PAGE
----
Caolin Blade determined not to be a ‘passenger’ in Ireland’s Dublin fixtures

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Uncapped Caolin Blade is determined not to be “a passenger” in Ireland’s squad after suggesting nerves got the better of him following his maiden international call-up.

Connacht scrum-half Blade is in contention for his Test debut in next month’s Dublin clashes with Japan and the United States.

The 27-year-old spent time in the Irish camp during the 2019 Guinness Six Nations under Joe Schmidt but failed to make an appearance.

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He has been forced to wait almost two and a half years to earn another opportunity and believes he is better equipped to make a lasting impression on current head coach Andy Farrell.

“I was there for the first five weeks (in 2019). Looking back on that experience, I’ve had a good bit of time to reflect,” he said.

“I was brought in because there were quite a few injuries and I suppose I was probably a little bit nervous and not as confident as I am now in my game and my skills.

“Coming into this camp, I think I am playing a little bit better and, for myself, I feel like I deserve to be here.

“It’s helped me be more comfortable coming into this environment and instead of being a passenger, I am trying to get my style and personality across.”

Blade is among 12 uncapped players in Ireland’s 37–man group.

With Conor Murray away with the British and Irish Lions, he will compete with Jamison Gibson-Park and Craig Casey – both of whom have made their international bows under Farrell – for the number nine jersey.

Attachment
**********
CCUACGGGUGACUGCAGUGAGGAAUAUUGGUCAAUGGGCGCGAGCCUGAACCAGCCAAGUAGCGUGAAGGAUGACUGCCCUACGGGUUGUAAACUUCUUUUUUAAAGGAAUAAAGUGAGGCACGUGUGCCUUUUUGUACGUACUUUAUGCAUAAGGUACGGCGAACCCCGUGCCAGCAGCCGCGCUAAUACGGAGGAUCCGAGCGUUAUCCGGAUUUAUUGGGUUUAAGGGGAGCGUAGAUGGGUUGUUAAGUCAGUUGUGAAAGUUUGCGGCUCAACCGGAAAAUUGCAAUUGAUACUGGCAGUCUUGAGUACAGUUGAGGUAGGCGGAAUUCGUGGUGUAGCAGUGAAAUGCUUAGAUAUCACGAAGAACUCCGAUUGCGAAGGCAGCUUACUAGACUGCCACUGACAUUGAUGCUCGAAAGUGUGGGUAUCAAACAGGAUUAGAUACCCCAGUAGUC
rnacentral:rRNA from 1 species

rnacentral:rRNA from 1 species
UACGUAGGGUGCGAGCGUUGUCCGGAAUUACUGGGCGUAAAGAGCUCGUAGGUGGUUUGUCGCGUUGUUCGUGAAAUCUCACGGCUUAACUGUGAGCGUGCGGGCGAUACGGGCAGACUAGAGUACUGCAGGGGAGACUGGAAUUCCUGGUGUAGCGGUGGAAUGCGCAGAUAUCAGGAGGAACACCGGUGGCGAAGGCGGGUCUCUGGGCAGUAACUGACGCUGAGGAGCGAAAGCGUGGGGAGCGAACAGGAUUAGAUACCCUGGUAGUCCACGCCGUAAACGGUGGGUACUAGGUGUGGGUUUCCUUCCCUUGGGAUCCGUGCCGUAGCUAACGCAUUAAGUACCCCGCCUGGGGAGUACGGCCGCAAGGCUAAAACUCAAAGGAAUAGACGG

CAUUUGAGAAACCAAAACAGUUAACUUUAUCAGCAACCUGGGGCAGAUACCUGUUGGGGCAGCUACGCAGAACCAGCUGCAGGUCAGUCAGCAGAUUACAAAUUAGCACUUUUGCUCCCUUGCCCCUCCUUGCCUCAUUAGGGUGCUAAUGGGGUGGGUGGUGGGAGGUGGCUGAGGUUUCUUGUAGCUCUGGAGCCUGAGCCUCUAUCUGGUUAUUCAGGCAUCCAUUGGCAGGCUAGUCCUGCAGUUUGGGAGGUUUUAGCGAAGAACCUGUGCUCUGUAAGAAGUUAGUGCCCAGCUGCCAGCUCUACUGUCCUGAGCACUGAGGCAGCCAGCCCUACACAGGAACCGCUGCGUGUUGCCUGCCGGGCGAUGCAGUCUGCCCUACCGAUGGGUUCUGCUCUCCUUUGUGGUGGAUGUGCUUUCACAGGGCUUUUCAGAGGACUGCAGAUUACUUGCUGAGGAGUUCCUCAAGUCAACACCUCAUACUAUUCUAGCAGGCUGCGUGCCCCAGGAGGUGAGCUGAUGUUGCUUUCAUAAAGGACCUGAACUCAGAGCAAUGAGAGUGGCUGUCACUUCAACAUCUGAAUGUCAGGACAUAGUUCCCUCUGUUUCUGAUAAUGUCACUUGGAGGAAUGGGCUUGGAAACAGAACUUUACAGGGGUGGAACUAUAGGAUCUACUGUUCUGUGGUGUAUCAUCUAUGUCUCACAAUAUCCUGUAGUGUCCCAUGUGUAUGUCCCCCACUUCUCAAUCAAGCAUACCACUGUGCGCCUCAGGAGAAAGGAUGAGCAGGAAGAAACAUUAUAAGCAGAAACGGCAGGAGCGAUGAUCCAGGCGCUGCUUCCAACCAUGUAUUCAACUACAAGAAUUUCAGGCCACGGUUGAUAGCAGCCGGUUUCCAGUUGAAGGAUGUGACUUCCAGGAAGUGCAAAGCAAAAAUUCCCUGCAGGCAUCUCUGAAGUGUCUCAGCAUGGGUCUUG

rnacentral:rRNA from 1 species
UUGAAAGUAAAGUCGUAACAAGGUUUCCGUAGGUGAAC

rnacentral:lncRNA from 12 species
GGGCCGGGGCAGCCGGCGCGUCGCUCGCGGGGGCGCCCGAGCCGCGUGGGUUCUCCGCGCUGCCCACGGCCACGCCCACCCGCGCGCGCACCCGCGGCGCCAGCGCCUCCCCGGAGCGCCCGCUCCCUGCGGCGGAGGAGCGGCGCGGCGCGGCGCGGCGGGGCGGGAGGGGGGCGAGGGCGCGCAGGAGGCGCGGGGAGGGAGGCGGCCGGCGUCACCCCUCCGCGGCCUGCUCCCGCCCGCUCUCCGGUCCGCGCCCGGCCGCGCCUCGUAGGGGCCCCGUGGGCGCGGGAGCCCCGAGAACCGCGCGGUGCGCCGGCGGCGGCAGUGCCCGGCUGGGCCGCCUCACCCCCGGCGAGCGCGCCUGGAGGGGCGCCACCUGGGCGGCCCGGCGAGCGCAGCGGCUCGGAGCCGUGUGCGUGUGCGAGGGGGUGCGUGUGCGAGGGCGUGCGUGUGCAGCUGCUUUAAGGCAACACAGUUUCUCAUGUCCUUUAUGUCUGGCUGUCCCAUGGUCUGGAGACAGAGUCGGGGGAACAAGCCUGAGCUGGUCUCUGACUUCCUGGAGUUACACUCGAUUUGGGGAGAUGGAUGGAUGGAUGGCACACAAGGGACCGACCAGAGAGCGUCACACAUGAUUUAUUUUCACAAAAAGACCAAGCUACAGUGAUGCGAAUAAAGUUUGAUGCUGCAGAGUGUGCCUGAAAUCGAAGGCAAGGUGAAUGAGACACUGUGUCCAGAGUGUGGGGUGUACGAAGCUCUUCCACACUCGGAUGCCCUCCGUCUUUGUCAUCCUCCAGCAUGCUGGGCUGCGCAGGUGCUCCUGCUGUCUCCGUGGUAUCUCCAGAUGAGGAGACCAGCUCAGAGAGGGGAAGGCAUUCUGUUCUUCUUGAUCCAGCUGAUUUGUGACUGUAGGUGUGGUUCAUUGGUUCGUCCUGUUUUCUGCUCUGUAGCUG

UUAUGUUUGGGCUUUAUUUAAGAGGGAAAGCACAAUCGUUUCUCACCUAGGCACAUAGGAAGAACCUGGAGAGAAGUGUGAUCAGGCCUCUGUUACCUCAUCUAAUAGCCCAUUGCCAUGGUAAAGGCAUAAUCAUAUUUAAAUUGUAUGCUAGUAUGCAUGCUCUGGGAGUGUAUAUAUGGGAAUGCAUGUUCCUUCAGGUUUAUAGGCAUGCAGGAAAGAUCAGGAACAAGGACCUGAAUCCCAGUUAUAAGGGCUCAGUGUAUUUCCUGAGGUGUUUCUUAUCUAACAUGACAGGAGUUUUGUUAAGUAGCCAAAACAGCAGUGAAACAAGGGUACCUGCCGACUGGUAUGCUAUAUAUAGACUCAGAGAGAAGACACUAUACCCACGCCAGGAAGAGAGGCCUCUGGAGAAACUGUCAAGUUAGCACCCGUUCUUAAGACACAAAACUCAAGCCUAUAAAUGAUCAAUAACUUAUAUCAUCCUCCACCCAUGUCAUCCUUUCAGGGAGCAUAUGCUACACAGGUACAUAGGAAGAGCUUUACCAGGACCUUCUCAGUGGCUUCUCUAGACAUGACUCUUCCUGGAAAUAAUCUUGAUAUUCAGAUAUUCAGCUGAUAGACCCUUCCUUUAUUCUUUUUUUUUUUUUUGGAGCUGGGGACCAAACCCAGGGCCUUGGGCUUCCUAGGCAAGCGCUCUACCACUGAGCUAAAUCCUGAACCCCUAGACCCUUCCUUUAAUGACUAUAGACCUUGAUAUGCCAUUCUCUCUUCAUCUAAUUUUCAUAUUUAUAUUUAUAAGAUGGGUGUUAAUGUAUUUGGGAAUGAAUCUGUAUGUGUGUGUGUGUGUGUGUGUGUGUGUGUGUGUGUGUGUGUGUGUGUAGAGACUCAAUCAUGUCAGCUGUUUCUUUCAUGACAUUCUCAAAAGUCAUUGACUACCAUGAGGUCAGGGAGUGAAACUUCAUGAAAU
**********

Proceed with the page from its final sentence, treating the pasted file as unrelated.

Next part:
His inclusion came ahead of provincial team-mate Kieran Marmion, Ulster’s John Cooney and Leinster man Luke McGrath.

Blade acknowledges that his country is well stocked in the scrum-half department and is acutely aware of the challenges that brings.

“It’s keeping me on edge that if I do get an opportunity I do need to perform because there’s lads there waiting,” he said.

Andy Farrell's Ireland host Japan and the United States next month
Andy Farrell’s Ireland host Japan and the United States next month (Brian Lawless/PA)

“You need to have two top nines in a 23 because I think the days of a scrum-half playing 80 minutes are long gone. I think you need a 20 or 30-minute scrum-half off the bench nearly every game.

“Irish rugby in the sense of scrum-halves is in a good place.”

New Zealand-born Gibson-Park has emerged as the main candidate to challenge Murray’s decade-long dominance of the role since Farrell succeeded Schmidt after the 2019 World Cup.

Diminutive Blade, who stands around 5ft 6in, is eager to stake his claim and feels he offers different qualities to “exceptional” Munster man Murray.

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“These two games are a good starting point. When Jamison played in the Six Nations, he had a good campaign but it all starts here in training and trying to get your foot in the door or getting that number nine for a game,” he said.

“I think there definitely is, while Conor’s away with the Lions, an opportunity for the three of us to take our chance and to take it well.

“He (Conor) is a lot taller than me, so I think my game is a little bit different to his.

“The basics of scrum-half is passing and kicking and I think he’s been exceptional for the last 10 years doing that so I would base myself looking at him but I feel like I’m too much of a different player to be trying to evolve my game to be like his.”

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